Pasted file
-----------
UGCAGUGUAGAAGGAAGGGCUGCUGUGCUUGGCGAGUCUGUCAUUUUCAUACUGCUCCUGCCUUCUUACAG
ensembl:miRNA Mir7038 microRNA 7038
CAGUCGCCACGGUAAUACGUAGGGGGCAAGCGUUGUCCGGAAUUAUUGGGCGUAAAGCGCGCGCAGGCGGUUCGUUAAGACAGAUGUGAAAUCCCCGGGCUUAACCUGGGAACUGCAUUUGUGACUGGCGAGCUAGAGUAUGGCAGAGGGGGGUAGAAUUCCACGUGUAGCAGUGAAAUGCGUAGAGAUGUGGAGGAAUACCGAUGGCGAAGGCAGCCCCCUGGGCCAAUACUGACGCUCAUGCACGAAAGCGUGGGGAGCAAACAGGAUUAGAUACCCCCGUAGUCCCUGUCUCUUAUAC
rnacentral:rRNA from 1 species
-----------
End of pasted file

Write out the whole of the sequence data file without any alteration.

UGCAGUGUAGAAGGAAGGGCUGCUGUGCUUGGCGAGUCUGUCAUUUUCAUACUGCUCCUGCCUUCUUACAG
ensembl:miRNA Mir7038 microRNA 7038
CAGUCGCCACGGUAAUACGUAGGGGGCAAGCGUUGUCCGGAAUUAUUGGGCGUAAAGCGCGCGCAGGCGGUUCGUUAAGACAGAUGUGAAAUCCCCGGGCUUAACCUGGGAACUGCAUUUGUGACUGGCGAGCUAGAGUAUGGCAGAGGGGGGUAGAAUUCCACGUGUAGCAGUGAAAUGCGUAGAGAUGUGGAGGAAUACCGAUGGCGAAGGCAGCCCCCUGGGCCAAUACUGACGCUCAUGCACGAAAGCGUGGGGAGCAAACAGGAUUAGAUACCCCCGUAGUCCCUGUCUCUUAUAC
rnacentral:rRNA from 1 species